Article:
Apple has all but abandoned its original plans for building a vehicle in its own factories, and will instead focus its energies on building self-driving systems for other vehicles, according to the report. In the meantime, the company is focusing on a self-driving campus shuttle, code named PAIL -- short for "Palo Alto to Infinite Loop." Infinite Loop is the street on which Apple's main campus is located, and Palo Alto is a city nearby.
Apple employees working on its car effort have experimented with everything from augmented reality dashboards to a whole new "CarOS" (operating system) to replacing the car's steering wheel with a spinning sphere that would offer a wider range of movement, according to The Times. Apple also looked at ways to hide a self-driving car's lidar array, which is a crucial but often unsightly component that gives such vehicles information about the environment around them.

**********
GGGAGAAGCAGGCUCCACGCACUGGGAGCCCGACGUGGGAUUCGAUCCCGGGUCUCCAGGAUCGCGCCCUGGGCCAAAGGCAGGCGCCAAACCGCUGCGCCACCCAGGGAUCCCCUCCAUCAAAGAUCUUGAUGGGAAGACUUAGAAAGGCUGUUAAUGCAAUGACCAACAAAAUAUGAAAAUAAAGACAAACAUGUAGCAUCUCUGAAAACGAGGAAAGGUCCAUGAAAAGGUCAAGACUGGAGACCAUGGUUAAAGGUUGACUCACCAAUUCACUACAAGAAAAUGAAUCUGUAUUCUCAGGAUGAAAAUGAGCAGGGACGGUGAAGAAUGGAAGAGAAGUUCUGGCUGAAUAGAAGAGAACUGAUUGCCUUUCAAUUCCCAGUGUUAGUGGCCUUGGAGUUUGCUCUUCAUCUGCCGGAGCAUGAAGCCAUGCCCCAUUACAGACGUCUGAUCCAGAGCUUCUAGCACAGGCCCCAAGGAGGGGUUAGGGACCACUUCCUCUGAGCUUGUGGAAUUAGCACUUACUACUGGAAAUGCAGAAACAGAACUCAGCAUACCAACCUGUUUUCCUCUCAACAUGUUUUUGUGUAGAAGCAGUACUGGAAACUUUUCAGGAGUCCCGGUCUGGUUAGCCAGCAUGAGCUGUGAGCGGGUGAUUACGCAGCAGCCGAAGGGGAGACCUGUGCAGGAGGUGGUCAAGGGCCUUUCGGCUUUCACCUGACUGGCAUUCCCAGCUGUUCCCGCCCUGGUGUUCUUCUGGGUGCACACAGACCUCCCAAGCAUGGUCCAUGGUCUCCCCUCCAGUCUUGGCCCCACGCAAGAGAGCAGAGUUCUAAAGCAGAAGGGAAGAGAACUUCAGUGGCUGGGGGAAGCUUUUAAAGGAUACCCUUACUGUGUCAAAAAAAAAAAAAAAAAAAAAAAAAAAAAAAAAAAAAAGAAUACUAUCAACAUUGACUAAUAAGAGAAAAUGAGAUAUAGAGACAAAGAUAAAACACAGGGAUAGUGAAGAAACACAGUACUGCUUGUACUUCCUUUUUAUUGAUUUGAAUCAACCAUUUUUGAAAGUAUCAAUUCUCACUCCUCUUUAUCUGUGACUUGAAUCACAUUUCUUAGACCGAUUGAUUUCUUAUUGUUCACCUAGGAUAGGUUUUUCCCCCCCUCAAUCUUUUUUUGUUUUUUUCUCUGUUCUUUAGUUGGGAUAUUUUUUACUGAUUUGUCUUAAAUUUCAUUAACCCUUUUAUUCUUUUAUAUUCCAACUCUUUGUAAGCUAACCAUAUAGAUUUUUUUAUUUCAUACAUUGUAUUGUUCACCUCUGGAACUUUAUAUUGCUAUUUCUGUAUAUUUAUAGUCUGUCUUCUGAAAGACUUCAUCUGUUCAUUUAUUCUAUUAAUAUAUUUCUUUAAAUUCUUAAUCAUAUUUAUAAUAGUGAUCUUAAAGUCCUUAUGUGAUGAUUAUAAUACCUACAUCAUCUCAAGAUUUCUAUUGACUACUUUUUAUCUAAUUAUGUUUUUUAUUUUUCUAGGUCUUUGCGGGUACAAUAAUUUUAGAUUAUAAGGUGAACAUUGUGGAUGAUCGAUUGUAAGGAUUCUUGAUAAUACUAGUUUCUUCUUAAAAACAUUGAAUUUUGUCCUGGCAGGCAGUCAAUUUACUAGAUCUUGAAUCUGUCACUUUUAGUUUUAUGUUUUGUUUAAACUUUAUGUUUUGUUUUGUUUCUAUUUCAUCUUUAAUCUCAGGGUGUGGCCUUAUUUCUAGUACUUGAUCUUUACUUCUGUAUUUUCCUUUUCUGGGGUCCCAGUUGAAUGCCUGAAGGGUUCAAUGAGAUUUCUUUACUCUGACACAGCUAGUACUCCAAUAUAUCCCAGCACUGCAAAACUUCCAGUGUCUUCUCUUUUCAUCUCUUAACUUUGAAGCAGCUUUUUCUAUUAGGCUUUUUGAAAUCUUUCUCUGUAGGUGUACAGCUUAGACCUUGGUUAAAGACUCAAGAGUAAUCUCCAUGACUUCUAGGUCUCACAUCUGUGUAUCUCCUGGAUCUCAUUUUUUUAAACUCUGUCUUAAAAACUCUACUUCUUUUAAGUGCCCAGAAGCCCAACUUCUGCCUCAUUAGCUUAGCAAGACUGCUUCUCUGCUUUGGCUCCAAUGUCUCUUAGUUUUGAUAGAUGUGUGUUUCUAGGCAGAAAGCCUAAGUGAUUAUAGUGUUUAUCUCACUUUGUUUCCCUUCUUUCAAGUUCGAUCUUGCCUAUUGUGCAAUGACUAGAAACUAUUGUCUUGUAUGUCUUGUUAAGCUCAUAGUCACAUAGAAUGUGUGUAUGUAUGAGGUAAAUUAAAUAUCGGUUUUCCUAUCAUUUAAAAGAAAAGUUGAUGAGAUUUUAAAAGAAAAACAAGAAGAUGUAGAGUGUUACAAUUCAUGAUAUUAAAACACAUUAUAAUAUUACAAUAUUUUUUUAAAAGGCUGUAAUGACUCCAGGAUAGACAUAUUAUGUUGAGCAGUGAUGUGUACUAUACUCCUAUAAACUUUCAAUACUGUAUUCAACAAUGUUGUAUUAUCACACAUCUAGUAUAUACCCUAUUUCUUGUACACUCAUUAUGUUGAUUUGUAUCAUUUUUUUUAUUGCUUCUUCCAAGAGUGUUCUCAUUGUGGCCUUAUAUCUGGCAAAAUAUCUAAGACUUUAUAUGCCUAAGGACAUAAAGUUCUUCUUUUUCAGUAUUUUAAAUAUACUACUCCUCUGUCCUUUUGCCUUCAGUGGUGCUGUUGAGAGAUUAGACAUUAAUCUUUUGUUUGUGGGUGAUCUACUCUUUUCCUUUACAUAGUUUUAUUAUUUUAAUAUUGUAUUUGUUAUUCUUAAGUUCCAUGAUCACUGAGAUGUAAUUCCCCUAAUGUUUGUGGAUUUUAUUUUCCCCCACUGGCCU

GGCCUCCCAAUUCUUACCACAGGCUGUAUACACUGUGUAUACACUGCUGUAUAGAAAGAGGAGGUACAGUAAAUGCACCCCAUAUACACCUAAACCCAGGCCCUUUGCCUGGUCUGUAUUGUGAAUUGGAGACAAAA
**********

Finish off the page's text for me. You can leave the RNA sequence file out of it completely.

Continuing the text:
However, Apple executives apparently couldn't agree on a direction for the car. Apple design guru Jony Ive wanted to focus on a fully self-driving vehicle like those from Google spinoff Waymo. Original project head Steve Zadesky wanted Apple's car to be only semi-autonomous, operating like Tesla's vehicles when they are under the control of the company's Autopilot function.
Now, under current head Bob Mansfield, Apple is rededicating itself to building the underlying systems for self-driving cars -- even if that means building those systems into vehicles from non-Apple manufacturers. To that end, Apple has recently obtained a self-driving car testing permit from California, with CEO Tim Cook publicly stating that the company is working on autonomous systems.
Apple declined to comment. You can read the full report in The New York Times here.
This post originally appeared on Business Insider.